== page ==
Weta headhunts WOW artist
Years of hard work have paid off for Raumati South artist Jan Kerr, who has been head-hunted by Sir Richard Taylor to work at Weta Workshop - then to ice the cake scooped two top World of WearableArt awards on Friday night.
Kerr's entry, Hermecea, a colourful sea-creature, won the Weta Award, chosen by Sir Richard, co-founder and co-director of Weta Workshop, for a garment that best crosses the boundaries of film and WearableArt. Sir Richard liked the costume so much he wants Kerr on his payroll.
Kerr received a phone call from a Weta staff member two weeks ago asking if she could call Sir Richard.
"I sat on the phone number for the night and then half the next day and then I plucked up the courage to ring him."
Kerr, a gallery manager for Raumati's Lush Design Gallery, said Sir Richard complimented her on her WearableArt entry and offered her a job, which starts today.
"It was really out of the blue. I certainly wasn't expecting that to happen. It's like I've had this door open and I have to walk through it. It's a huge opportunity for me, so I'm going to go for it."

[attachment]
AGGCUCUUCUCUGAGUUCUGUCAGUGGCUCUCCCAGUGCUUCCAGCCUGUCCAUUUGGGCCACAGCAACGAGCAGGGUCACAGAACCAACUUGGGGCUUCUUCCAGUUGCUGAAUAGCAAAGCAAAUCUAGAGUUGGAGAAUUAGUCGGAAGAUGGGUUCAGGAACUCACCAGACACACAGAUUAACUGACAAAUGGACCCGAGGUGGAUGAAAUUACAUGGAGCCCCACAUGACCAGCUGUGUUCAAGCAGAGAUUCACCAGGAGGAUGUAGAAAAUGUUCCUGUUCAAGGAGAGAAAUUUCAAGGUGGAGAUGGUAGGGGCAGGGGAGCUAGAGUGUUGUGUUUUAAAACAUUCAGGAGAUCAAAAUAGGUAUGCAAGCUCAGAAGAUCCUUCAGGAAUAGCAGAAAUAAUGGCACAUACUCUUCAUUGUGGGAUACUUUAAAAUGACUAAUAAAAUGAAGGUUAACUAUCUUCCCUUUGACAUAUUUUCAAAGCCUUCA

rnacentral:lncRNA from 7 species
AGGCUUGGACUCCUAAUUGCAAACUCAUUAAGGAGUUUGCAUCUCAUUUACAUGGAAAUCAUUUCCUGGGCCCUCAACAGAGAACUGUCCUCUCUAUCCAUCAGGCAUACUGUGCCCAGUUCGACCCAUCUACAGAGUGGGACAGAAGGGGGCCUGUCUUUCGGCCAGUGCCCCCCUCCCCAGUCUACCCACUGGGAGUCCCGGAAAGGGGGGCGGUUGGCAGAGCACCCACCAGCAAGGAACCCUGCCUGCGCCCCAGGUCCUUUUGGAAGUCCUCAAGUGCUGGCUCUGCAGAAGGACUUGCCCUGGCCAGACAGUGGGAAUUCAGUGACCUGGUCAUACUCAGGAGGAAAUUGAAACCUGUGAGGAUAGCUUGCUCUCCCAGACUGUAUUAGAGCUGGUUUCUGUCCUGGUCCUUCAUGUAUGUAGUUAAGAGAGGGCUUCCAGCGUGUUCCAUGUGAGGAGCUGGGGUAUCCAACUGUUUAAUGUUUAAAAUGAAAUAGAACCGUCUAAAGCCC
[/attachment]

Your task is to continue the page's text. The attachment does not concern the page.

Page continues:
Kerr said she has been in a euphoric state for two weeks.
"It just doesn't seem real, I have to keep pinching myself in case it's a dream.
"It's like the pinnacle of my career. I've worked really hard for years and now it's been acknowledged.
"[Sir Richard] is right up there in the film industry. He's right at the top of the ladder. To be acknowledged by someone like him who knows his stuff is a real compliment."
Kerr was invited to visit Weta Workshop, which "sort of feels like Hogwarts", to see her new office.
"It's just an amazing place. There's all these incredibly gifted artists working there, quite a lot of whom I know already. It's just like a big family, it's wonderful."
Kerr said Sir Richard liked her costume because of its attention to detail, a skill she will transfer to the soft fabric wardrobe department working on orcs for The Hobbit.
She said some of the materials and techniques used at Weta come from overseas and while she is excited about what she will learn she is also apprehensive.
"My art will probably change because of it."
Sir Richard was flexible about her hours and she has settled on four days a week so she has time to work on her own art.
"A lot of people say 'oh well, you'll have to move into town'. No I'm quite happy living on the Coast, I don't want to move into town."
Kerr, who has been making WearbleArt costumes for 10 years, also won the Open Section, which has no thematic boundaries and aims to encourage a high degree of originality and innovation.
Kapiti's other WoW costume maker, Raumati South's Rita Schrieken, was a finalist in the Under the Microscope section with a costume based on genes. The Kapiti Observer will catch up with Kerr and Schrieken this week and review the show.